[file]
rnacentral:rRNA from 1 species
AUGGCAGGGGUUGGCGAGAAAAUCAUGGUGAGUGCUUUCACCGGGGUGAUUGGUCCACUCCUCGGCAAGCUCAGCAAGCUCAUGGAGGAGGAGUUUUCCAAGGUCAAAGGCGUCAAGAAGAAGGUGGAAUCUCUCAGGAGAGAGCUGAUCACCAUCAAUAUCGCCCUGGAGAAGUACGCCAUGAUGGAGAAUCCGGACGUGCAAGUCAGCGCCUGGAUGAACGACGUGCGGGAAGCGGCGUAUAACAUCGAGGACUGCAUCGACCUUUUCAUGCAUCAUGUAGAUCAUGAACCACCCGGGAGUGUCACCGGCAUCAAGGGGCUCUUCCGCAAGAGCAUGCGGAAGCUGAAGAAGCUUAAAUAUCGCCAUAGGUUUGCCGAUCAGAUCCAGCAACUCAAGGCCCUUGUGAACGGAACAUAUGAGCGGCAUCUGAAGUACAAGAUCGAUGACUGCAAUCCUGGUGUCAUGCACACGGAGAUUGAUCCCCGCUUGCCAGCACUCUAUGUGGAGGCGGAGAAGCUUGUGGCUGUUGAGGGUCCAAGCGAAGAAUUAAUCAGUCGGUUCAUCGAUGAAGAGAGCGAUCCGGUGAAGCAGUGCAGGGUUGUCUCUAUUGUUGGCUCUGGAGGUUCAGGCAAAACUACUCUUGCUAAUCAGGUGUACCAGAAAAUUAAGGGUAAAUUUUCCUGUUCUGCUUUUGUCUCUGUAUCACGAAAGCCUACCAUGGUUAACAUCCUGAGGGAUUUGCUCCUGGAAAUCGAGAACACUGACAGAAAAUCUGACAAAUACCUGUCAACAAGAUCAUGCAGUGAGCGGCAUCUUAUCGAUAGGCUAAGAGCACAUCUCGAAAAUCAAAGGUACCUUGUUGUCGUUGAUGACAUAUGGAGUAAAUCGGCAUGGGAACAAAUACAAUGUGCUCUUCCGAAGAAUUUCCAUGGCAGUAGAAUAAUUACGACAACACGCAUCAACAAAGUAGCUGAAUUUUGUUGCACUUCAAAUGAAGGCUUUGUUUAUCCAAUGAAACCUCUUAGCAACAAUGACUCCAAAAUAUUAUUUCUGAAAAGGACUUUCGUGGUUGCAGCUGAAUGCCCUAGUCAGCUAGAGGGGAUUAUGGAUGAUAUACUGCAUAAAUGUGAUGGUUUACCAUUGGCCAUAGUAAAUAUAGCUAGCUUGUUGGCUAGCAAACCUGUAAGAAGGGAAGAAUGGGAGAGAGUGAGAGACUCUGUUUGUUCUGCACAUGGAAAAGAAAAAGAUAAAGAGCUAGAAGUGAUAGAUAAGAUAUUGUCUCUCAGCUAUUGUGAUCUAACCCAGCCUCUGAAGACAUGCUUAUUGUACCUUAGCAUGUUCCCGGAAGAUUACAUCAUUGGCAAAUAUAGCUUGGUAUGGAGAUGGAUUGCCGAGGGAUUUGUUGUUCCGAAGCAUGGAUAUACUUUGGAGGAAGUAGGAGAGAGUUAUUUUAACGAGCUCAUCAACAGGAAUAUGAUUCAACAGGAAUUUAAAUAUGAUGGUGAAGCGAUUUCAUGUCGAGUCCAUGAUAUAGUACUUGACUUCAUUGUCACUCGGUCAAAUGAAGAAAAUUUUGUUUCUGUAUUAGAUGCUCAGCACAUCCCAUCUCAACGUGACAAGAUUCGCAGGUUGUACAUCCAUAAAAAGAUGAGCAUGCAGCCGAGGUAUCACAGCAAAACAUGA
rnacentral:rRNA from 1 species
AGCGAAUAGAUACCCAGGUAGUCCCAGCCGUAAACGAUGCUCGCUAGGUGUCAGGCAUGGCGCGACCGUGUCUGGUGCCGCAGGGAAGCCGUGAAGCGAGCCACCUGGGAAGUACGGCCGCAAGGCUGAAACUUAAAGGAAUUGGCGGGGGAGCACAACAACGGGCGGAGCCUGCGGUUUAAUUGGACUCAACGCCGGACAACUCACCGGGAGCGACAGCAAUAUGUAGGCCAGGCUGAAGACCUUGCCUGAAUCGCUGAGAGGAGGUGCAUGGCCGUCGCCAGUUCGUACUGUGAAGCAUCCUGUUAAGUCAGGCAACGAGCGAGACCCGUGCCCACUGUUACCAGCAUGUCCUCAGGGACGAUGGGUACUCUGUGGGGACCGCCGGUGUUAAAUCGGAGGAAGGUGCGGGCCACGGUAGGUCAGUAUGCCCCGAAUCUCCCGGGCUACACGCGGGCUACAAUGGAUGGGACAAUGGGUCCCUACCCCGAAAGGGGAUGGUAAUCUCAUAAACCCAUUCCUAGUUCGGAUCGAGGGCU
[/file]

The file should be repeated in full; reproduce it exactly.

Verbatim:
rnacentral:rRNA from 1 species
AUGGCAGGGGUUGGCGAGAAAAUCAUGGUGAGUGCUUUCACCGGGGUGAUUGGUCCACUCCUCGGCAAGCUCAGCAAGCUCAUGGAGGAGGAGUUUUCCAAGGUCAAAGGCGUCAAGAAGAAGGUGGAAUCUCUCAGGAGAGAGCUGAUCACCAUCAAUAUCGCCCUGGAGAAGUACGCCAUGAUGGAGAAUCCGGACGUGCAAGUCAGCGCCUGGAUGAACGACGUGCGGGAAGCGGCGUAUAACAUCGAGGACUGCAUCGACCUUUUCAUGCAUCAUGUAGAUCAUGAACCACCCGGGAGUGUCACCGGCAUCAAGGGGCUCUUCCGCAAGAGCAUGCGGAAGCUGAAGAAGCUUAAAUAUCGCCAUAGGUUUGCCGAUCAGAUCCAGCAACUCAAGGCCCUUGUGAACGGAACAUAUGAGCGGCAUCUGAAGUACAAGAUCGAUGACUGCAAUCCUGGUGUCAUGCACACGGAGAUUGAUCCCCGCUUGCCAGCACUCUAUGUGGAGGCGGAGAAGCUUGUGGCUGUUGAGGGUCCAAGCGAAGAAUUAAUCAGUCGGUUCAUCGAUGAAGAGAGCGAUCCGGUGAAGCAGUGCAGGGUUGUCUCUAUUGUUGGCUCUGGAGGUUCAGGCAAAACUACUCUUGCUAAUCAGGUGUACCAGAAAAUUAAGGGUAAAUUUUCCUGUUCUGCUUUUGUCUCUGUAUCACGAAAGCCUACCAUGGUUAACAUCCUGAGGGAUUUGCUCCUGGAAAUCGAGAACACUGACAGAAAAUCUGACAAAUACCUGUCAACAAGAUCAUGCAGUGAGCGGCAUCUUAUCGAUAGGCUAAGAGCACAUCUCGAAAAUCAAAGGUACCUUGUUGUCGUUGAUGACAUAUGGAGUAAAUCGGCAUGGGAACAAAUACAAUGUGCUCUUCCGAAGAAUUUCCAUGGCAGUAGAAUAAUUACGACAACACGCAUCAACAAAGUAGCUGAAUUUUGUUGCACUUCAAAUGAAGGCUUUGUUUAUCCAAUGAAACCUCUUAGCAACAAUGACUCCAAAAUAUUAUUUCUGAAAAGGACUUUCGUGGUUGCAGCUGAAUGCCCUAGUCAGCUAGAGGGGAUUAUGGAUGAUAUACUGCAUAAAUGUGAUGGUUUACCAUUGGCCAUAGUAAAUAUAGCUAGCUUGUUGGCUAGCAAACCUGUAAGAAGGGAAGAAUGGGAGAGAGUGAGAGACUCUGUUUGUUCUGCACAUGGAAAAGAAAAAGAUAAAGAGCUAGAAGUGAUAGAUAAGAUAUUGUCUCUCAGCUAUUGUGAUCUAACCCAGCCUCUGAAGACAUGCUUAUUGUACCUUAGCAUGUUCCCGGAAGAUUACAUCAUUGGCAAAUAUAGCUUGGUAUGGAGAUGGAUUGCCGAGGGAUUUGUUGUUCCGAAGCAUGGAUAUACUUUGGAGGAAGUAGGAGAGAGUUAUUUUAACGAGCUCAUCAACAGGAAUAUGAUUCAACAGGAAUUUAAAUAUGAUGGUGAAGCGAUUUCAUGUCGAGUCCAUGAUAUAGUACUUGACUUCAUUGUCACUCGGUCAAAUGAAGAAAAUUUUGUUUCUGUAUUAGAUGCUCAGCACAUCCCAUCUCAACGUGACAAGAUUCGCAGGUUGUACAUCCAUAAAAAGAUGAGCAUGCAGCCGAGGUAUCACAGCAAAACAUGA
rnacentral:rRNA from 1 species
AGCGAAUAGAUACCCAGGUAGUCCCAGCCGUAAACGAUGCUCGCUAGGUGUCAGGCAUGGCGCGACCGUGUCUGGUGCCGCAGGGAAGCCGUGAAGCGAGCCACCUGGGAAGUACGGCCGCAAGGCUGAAACUUAAAGGAAUUGGCGGGGGAGCACAACAACGGGCGGAGCCUGCGGUUUAAUUGGACUCAACGCCGGACAACUCACCGGGAGCGACAGCAAUAUGUAGGCCAGGCUGAAGACCUUGCCUGAAUCGCUGAGAGGAGGUGCAUGGCCGUCGCCAGUUCGUACUGUGAAGCAUCCUGUUAAGUCAGGCAACGAGCGAGACCCGUGCCCACUGUUACCAGCAUGUCCUCAGGGACGAUGGGUACUCUGUGGGGACCGCCGGUGUUAAAUCGGAGGAAGGUGCGGGCCACGGUAGGUCAGUAUGCCCCGAAUCUCCCGGGCUACACGCGGGCUACAAUGGAUGGGACAAUGGGUCCCUACCCCGAAAGGGGAUGGUAAUCUCAUAAACCCAUUCCUAGUUCGGAUCGAGGGCU